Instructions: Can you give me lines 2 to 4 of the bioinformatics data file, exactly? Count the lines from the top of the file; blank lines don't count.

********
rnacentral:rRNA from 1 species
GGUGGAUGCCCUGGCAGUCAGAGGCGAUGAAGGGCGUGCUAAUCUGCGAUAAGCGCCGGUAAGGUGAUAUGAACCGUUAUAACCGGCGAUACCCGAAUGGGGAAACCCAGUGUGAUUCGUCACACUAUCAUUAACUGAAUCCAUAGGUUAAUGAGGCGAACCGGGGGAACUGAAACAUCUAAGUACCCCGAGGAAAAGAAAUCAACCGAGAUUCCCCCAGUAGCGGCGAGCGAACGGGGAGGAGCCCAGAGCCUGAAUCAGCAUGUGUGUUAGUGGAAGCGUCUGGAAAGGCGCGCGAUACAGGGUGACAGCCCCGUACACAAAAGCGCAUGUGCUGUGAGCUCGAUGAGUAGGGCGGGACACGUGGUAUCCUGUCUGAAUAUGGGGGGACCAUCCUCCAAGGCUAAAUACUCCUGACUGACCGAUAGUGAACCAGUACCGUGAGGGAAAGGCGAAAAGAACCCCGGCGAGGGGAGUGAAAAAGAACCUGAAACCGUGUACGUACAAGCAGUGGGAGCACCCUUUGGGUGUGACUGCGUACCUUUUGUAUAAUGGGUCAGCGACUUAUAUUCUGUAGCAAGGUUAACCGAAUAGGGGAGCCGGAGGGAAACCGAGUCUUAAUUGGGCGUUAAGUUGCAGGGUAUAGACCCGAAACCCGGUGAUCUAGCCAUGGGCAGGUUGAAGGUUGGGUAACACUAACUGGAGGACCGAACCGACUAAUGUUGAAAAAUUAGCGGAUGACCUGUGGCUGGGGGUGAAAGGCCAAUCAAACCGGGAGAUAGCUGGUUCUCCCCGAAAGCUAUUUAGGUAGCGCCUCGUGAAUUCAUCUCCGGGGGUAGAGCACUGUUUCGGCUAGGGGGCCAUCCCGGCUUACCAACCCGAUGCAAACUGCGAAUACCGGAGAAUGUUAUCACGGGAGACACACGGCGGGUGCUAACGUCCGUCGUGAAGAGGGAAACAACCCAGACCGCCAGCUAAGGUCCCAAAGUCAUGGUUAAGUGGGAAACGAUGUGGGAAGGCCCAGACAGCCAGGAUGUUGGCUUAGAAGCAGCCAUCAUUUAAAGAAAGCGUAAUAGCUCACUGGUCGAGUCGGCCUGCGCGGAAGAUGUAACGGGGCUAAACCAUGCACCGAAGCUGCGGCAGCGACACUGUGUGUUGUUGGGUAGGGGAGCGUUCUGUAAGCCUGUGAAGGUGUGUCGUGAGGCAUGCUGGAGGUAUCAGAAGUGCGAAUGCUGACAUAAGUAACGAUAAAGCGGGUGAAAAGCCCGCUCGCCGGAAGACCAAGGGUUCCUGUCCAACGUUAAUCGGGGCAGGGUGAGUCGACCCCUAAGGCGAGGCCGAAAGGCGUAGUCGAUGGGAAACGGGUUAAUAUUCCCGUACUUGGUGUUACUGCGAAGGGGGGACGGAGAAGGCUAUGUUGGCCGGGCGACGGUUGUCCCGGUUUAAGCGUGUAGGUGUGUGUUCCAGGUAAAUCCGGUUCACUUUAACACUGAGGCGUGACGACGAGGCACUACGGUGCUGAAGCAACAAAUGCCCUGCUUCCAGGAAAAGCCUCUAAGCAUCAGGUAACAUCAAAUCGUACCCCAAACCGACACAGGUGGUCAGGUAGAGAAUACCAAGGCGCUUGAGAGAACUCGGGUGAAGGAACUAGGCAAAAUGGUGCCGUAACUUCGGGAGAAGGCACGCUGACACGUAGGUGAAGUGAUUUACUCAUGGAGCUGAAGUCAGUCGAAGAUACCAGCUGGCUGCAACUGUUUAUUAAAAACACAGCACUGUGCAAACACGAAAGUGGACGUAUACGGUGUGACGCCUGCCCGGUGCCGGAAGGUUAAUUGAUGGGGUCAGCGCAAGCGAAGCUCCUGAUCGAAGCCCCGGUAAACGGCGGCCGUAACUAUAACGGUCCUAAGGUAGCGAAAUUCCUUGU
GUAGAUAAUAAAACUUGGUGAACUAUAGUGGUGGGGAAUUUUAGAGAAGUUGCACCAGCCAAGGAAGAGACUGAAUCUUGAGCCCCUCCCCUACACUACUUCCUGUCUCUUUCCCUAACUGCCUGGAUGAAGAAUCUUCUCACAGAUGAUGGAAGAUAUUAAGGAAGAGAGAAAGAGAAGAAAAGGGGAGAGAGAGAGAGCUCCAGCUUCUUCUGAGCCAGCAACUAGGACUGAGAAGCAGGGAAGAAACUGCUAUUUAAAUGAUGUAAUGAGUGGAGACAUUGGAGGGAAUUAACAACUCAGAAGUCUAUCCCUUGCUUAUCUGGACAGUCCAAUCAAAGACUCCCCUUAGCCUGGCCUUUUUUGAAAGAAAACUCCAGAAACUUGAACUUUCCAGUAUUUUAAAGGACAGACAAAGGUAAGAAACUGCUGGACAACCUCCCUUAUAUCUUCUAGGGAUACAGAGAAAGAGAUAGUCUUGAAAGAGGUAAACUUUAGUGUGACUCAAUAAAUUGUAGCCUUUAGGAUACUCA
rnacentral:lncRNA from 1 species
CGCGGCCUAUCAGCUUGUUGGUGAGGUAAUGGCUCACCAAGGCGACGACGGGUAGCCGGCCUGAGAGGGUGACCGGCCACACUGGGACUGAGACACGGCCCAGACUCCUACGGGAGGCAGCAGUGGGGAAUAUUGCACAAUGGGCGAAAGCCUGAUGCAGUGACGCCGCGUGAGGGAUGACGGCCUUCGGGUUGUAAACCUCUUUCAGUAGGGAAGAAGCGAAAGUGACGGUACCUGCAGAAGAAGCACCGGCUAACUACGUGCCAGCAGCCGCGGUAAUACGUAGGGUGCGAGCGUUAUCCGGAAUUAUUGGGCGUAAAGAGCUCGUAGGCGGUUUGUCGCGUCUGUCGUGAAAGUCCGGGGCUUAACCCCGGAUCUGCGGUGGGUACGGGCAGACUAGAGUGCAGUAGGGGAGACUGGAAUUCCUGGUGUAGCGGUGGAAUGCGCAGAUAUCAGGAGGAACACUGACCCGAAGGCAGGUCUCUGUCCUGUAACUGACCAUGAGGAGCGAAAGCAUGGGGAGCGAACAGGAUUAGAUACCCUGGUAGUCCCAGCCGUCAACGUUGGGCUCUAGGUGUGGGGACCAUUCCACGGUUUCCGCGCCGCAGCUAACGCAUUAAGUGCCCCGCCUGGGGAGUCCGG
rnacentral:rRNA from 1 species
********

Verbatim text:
GGUGGAUGCCCUGGCAGUCAGAGGCGAUGAAGGGCGUGCUAAUCUGCGAUAAGCGCCGGUAAGGUGAUAUGAACCGUUAUAACCGGCGAUACCCGAAUGGGGAAACCCAGUGUGAUUCGUCACACUAUCAUUAACUGAAUCCAUAGGUUAAUGAGGCGAACCGGGGGAACUGAAACAUCUAAGUACCCCGAGGAAAAGAAAUCAACCGAGAUUCCCCCAGUAGCGGCGAGCGAACGGGGAGGAGCCCAGAGCCUGAAUCAGCAUGUGUGUUAGUGGAAGCGUCUGGAAAGGCGCGCGAUACAGGGUGACAGCCCCGUACACAAAAGCGCAUGUGCUGUGAGCUCGAUGAGUAGGGCGGGACACGUGGUAUCCUGUCUGAAUAUGGGGGGACCAUCCUCCAAGGCUAAAUACUCCUGACUGACCGAUAGUGAACCAGUACCGUGAGGGAAAGGCGAAAAGAACCCCGGCGAGGGGAGUGAAAAAGAACCUGAAACCGUGUACGUACAAGCAGUGGGAGCACCCUUUGGGUGUGACUGCGUACCUUUUGUAUAAUGGGUCAGCGACUUAUAUUCUGUAGCAAGGUUAACCGAAUAGGGGAGCCGGAGGGAAACCGAGUCUUAAUUGGGCGUUAAGUUGCAGGGUAUAGACCCGAAACCCGGUGAUCUAGCCAUGGGCAGGUUGAAGGUUGGGUAACACUAACUGGAGGACCGAACCGACUAAUGUUGAAAAAUUAGCGGAUGACCUGUGGCUGGGGGUGAAAGGCCAAUCAAACCGGGAGAUAGCUGGUUCUCCCCGAAAGCUAUUUAGGUAGCGCCUCGUGAAUUCAUCUCCGGGGGUAGAGCACUGUUUCGGCUAGGGGGCCAUCCCGGCUUACCAACCCGAUGCAAACUGCGAAUACCGGAGAAUGUUAUCACGGGAGACACACGGCGGGUGCUAACGUCCGUCGUGAAGAGGGAAACAACCCAGACCGCCAGCUAAGGUCCCAAAGUCAUGGUUAAGUGGGAAACGAUGUGGGAAGGCCCAGACAGCCAGGAUGUUGGCUUAGAAGCAGCCAUCAUUUAAAGAAAGCGUAAUAGCUCACUGGUCGAGUCGGCCUGCGCGGAAGAUGUAACGGGGCUAAACCAUGCACCGAAGCUGCGGCAGCGACACUGUGUGUUGUUGGGUAGGGGAGCGUUCUGUAAGCCUGUGAAGGUGUGUCGUGAGGCAUGCUGGAGGUAUCAGAAGUGCGAAUGCUGACAUAAGUAACGAUAAAGCGGGUGAAAAGCCCGCUCGCCGGAAGACCAAGGGUUCCUGUCCAACGUUAAUCGGGGCAGGGUGAGUCGACCCCUAAGGCGAGGCCGAAAGGCGUAGUCGAUGGGAAACGGGUUAAUAUUCCCGUACUUGGUGUUACUGCGAAGGGGGGACGGAGAAGGCUAUGUUGGCCGGGCGACGGUUGUCCCGGUUUAAGCGUGUAGGUGUGUGUUCCAGGUAAAUCCGGUUCACUUUAACACUGAGGCGUGACGACGAGGCACUACGGUGCUGAAGCAACAAAUGCCCUGCUUCCAGGAAAAGCCUCUAAGCAUCAGGUAACAUCAAAUCGUACCCCAAACCGACACAGGUGGUCAGGUAGAGAAUACCAAGGCGCUUGAGAGAACUCGGGUGAAGGAACUAGGCAAAAUGGUGCCGUAACUUCGGGAGAAGGCACGCUGACACGUAGGUGAAGUGAUUUACUCAUGGAGCUGAAGUCAGUCGAAGAUACCAGCUGGCUGCAACUGUUUAUUAAAAACACAGCACUGUGCAAACACGAAAGUGGACGUAUACGGUGUGACGCCUGCCCGGUGCCGGAAGGUUAAUUGAUGGGGUCAGCGCAAGCGAAGCUCCUGAUCGAAGCCCCGGUAAACGGCGGCCGUAACUAUAACGGUCCUAAGGUAGCGAAAUUCCUUGU
GUAGAUAAUAAAACUUGGUGAACUAUAGUGGUGGGGAAUUUUAGAGAAGUUGCACCAGCCAAGGAAGAGACUGAAUCUUGAGCCCCUCCCCUACACUACUUCCUGUCUCUUUCCCUAACUGCCUGGAUGAAGAAUCUUCUCACAGAUGAUGGAAGAUAUUAAGGAAGAGAGAAAGAGAAGAAAAGGGGAGAGAGAGAGAGCUCCAGCUUCUUCUGAGCCAGCAACUAGGACUGAGAAGCAGGGAAGAAACUGCUAUUUAAAUGAUGUAAUGAGUGGAGACAUUGGAGGGAAUUAACAACUCAGAAGUCUAUCCCUUGCUUAUCUGGACAGUCCAAUCAAAGACUCCCCUUAGCCUGGCCUUUUUUGAAAGAAAACUCCAGAAACUUGAACUUUCCAGUAUUUUAAAGGACAGACAAAGGUAAGAAACUGCUGGACAACCUCCCUUAUAUCUUCUAGGGAUACAGAGAAAGAGAUAGUCUUGAAAGAGGUAAACUUUAGUGUGACUCAAUAAAUUGUAGCCUUUAGGAUACUCA
rnacentral:lncRNA from 1 species